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Planning a visit to Kauai? We regularly add news and information about events, activities, and places to see on The Garden Isle.

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Sheila Heathcote has lived in Hawaii since 1986. She's a published author on the topic of Kauai and the owner of Hale O Nanakai Bed & Breakfast.

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Monday
Jul262010

Enjoy the Rainforest - Koke'e State Park Kauai --Pihea/Alakai Trail

 Summertime in the Rainforest is one of the most spectacular experiences available to anyone who encounters the island of Kauai. An array of endangered plants and endemic flowers are in fragrant blocom and the rare native birds -- whose curved bills evolved to drain the nectar from these specialized flowers -- are dazzling the forest canopy with their vibrant green, red and yellow feathers.

At left: Vantage point from Pihea Peak on the Pihea - Alaka’i Trail. Spectacular views of Kalalau Valley and the Na Pali Coast

How to get there: From Koke’e Museum, turn left on Hwy 550 and drive 3.8 miles to the end of the road at Pu’u o Kila Lookout.

Trail Length: Pihea Peak is reached 1.3 miles beyond Pu’u o Kila Lookout. This portion of Pihea Trail traces the back edge of Kalalau Valley with extraordinary views into this huge valley and out to sea. It connects with the Alaka’i Swamp Trail; round trip to Kilohana overlook is 8.6 miles. Pihea Trail is 3.7 miles one way down to Kawaikoi Stream, and Alaka’i Swamp Trail is 3.5 miles from “Camp Sloggett” Road to Kilohana overlook.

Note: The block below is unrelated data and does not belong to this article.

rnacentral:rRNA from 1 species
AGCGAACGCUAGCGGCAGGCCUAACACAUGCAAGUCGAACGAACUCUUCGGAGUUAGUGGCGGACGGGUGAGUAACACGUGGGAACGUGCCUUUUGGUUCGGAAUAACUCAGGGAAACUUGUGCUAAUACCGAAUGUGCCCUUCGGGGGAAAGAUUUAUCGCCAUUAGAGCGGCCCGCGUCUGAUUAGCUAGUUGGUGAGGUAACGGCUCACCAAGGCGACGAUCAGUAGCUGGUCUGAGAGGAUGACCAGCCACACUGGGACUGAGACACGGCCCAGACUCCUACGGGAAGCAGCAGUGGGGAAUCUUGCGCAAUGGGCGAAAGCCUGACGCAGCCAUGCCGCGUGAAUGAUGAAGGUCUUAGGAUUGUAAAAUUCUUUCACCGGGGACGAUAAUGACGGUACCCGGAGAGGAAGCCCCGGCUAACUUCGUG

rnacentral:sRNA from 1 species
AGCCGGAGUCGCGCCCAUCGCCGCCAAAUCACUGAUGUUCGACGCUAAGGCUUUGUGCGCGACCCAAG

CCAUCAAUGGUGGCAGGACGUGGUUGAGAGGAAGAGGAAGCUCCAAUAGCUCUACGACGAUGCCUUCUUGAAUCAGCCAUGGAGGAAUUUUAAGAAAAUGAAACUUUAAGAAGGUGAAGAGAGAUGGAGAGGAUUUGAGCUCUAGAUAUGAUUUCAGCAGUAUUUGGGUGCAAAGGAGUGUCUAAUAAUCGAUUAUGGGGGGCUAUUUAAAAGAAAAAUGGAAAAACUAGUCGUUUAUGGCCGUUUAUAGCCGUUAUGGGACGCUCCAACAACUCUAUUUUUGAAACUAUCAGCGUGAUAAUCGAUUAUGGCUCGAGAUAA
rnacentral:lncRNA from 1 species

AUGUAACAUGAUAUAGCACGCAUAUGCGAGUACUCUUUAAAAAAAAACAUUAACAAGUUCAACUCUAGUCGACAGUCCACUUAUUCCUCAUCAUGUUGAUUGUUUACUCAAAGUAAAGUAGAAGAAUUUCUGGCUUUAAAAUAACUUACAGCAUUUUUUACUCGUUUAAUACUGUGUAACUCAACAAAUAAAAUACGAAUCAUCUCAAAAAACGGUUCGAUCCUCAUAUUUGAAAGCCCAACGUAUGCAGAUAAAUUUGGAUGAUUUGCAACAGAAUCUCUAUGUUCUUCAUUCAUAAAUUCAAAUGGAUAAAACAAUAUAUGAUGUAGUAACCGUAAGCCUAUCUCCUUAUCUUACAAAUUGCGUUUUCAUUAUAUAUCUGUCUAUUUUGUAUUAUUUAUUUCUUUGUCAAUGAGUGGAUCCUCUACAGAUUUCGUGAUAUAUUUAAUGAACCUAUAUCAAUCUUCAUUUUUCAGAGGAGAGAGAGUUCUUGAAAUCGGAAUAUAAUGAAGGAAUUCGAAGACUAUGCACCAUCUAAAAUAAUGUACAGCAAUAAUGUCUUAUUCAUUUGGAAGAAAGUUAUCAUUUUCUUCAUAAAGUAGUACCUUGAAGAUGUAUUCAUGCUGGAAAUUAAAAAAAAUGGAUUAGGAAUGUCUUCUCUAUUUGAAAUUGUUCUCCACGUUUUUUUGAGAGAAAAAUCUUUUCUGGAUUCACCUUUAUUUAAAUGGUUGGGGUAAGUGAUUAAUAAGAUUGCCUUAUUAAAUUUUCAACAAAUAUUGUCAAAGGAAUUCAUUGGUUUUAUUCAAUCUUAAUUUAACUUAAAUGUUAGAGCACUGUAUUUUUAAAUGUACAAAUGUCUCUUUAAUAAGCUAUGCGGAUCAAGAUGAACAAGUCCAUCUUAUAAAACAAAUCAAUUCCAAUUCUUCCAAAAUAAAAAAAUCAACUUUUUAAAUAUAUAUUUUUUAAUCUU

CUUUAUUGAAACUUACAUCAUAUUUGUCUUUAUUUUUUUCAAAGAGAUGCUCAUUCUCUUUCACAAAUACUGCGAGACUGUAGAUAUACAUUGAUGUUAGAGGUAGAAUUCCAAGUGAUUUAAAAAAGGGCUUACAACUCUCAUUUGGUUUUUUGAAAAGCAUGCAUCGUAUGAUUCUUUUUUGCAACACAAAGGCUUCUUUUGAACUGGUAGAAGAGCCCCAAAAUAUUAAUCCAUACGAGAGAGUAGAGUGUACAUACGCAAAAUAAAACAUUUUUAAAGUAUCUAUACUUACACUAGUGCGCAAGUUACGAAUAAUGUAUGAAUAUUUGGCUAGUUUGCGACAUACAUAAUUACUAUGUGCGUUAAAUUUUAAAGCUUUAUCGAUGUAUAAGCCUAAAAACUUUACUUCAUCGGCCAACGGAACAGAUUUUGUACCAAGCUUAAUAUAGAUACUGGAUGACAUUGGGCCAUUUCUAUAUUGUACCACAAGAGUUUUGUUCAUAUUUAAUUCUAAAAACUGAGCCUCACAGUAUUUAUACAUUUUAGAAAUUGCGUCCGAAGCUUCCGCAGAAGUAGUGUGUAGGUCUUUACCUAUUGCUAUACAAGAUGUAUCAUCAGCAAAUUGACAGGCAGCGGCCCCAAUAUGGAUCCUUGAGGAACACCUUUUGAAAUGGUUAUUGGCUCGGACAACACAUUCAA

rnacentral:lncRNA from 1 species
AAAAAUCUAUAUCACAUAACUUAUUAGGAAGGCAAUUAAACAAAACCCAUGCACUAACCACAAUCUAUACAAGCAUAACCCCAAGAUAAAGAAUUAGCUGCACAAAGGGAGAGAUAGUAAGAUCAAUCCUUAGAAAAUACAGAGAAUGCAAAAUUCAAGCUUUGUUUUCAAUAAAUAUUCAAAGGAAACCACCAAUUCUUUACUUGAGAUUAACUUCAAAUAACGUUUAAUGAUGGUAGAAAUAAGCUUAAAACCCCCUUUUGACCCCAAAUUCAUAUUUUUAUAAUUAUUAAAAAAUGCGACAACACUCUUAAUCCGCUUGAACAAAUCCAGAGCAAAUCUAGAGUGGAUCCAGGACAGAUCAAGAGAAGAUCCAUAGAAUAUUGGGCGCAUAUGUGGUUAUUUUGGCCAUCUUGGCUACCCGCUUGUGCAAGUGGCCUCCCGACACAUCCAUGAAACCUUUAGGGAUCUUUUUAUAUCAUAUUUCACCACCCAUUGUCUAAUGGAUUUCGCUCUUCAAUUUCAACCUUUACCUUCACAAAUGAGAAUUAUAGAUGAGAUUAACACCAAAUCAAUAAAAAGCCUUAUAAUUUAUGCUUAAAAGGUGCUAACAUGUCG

Trail Description: Pihea Trail provides great views of Kalalau Valley along the rim, good territory for watching native forest birds and a look at a native rainforest. Clay soils that are slippery when wet and a climb of several hundred feet in elevation make this trail challenging. At 1.2 miles, a steep fork left leads to Pihea Peak.  At 1.6 miles, a section of boardwalk has been constructed. Continuing to the right at the Alaka’i Trail junction on the boardwalk leads to Lehua Maka Noe, a small bog.  Turning left on the Alaka’i Trail, the boardwalk continues downhill towards Kawaikoi Stream.  After crossing Kawaikoi Stream, the trail goes up a ridge then across very boggy and foggy forestlands to Kilohana overlook on the rim of Wainiha Valley, with great views of Kaua’i's north shore (weather permitting).

As Dennis Kamakahi, a famous Hawaiian songwriter noted, if you come to a lookout and there is no visibility because the Koke'e mist is  draping the view, be patient! Just wait for 10 minutes or so and see what happens. The mist often blows through and away the minute the tour busses leave!

For more trail information go to: http://www.kokee.org/kokee-state-park/trails Remember to bring camera, water, and a light rain poncho. Wear rugged footwear and expect a little mud. THERE ARE NO TRAIL SIGN IN & SIGN OUT STATION IN KOKE'E OR WAIMEA PARKS. Hike with caution and DO NOT wander from trails and boardwalks both for your own safety and the well-being of the beautiful, rare plants. Thank goodness there are no snakes in Hawaii and few mosquitos in Koke'e. Have fun and enjoy!